A popular video floating around the Web is the "selective attention test" by Simons and Chabris. It shows a group of six basketball players, three wearing white, and three wearing black. Each group of three is passing a basketball among their group. Viewers are instructed to count the number of times the white team passes the ball. In the midst of the action, someone in a gorilla suit walks across the court. Because most viewers are focusing on the white team's basketball passing, they completely miss the gorilla. They just don't see it.
This failure to notice the obvious illustrates a phenomenon called inattentional blindness, which happens when we're so focused on one visual task that we literally don't see something else that's in plain view. It suggests the possibility that other phenomena can account for our failures to notice or take account of things that are obvious in retrospect. Here are the first two of six tips for reducing the chances of missing the obvious, emphasizing causes that apply to individuals.
- Inattentional meta-blindness
- We can What accounts for our failures to
notice or take account of things
that are obvious in retrospect?generalize inattentional blindness, which is a visual phenomenon, to the non-visual. Sometimes we become "thought blind" to events, concepts, or information that's obvious in retrospect. If we're intensely focused elsewhere, we might be unaware of the "gorilla" that just walked across the mental scene. In risk management, for example, we might plan for some risks, and miss others altogether, even when the ones we misssed are more likely. See "Ten Project Haiku:iv" for more.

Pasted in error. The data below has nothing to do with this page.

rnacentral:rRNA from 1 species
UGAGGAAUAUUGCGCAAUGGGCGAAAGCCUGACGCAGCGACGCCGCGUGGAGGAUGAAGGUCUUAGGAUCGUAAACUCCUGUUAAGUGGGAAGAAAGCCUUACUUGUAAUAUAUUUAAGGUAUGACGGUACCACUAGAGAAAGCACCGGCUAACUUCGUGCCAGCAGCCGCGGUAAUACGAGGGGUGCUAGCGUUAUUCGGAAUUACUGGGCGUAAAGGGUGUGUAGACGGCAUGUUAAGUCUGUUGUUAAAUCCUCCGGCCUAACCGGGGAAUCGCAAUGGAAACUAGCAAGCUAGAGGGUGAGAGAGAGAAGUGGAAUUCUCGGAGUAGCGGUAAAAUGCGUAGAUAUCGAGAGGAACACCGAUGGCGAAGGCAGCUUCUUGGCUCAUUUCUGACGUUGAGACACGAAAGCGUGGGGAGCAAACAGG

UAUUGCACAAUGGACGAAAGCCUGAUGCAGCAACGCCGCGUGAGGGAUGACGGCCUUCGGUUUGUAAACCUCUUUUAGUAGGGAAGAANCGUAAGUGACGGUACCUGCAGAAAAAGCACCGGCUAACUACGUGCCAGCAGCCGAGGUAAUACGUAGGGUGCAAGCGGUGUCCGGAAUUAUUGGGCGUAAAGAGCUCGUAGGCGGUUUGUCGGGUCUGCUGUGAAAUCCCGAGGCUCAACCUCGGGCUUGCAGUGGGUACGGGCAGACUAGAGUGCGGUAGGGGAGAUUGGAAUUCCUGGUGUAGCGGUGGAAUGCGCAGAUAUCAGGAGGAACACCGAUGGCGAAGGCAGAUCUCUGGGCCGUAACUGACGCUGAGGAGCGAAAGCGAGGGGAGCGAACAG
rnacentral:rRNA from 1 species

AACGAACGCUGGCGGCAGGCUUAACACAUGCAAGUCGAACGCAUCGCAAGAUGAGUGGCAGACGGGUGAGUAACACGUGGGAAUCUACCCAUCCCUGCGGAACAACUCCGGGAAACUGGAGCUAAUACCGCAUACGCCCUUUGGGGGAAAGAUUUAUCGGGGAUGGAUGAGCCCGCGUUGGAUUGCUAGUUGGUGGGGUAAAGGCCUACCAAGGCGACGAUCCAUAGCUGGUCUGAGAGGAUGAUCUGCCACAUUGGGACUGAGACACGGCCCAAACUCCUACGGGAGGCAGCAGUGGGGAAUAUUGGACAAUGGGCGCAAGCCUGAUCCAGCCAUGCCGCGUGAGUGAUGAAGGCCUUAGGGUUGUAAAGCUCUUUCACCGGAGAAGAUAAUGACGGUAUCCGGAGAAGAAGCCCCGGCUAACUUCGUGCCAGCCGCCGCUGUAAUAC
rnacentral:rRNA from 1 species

- When we're engaged in observation, meta-blindness can arise from a cognitive bias known as the focusing effect, which is the tendency to place too much importance on one aspect of a situation, ignoring others that might be equally or more significant. This tendency also applies to abstract contemplation. For example, the risk of inattentional meta-blindness is high when we focus intensely on difficult subject matter, or when we're under pressure to complete complex tasks. In those circumstances, we often forget to take breaks, or we feel that we have no time for breaks. But that's just when breaks are most important. See "The Shower Effect: Sudden Insights," Point Lookout for January 25, 2006, for more.
- Not looking
- Inattentional meta-blindness is looking, but not seeing. Not looking is another matter. When we have a favored outcome, when we believe we understand a situation thoroughly, when we have preconceptions about how something came to be or how it will develop, we're less likely to look for alternative explanations or alternative predictions.
- The more certain we are that we understand what has happened, or what is happening, or what will happen, the more important it is to ask ourselves, "What if we're wrong?" Here's a quick way to do it: ask yourself, "If it turns out that I'm wrong about this, what would I have been most likely to have overlooked?"
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- The Planning Fallacy and Self-Interest
- A well-known cognitive bias, the planning fallacy, accounts for many unrealistic estimates of project
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- And on April 8: Intentionally Misreporting Status: I
- When we report the status of the work we do, we sometimes confront the temptation to embellish the good news or soften the bad news. How can we best deal with these obstacles to reporting status with integrity? Available here and by RSS on April 8.
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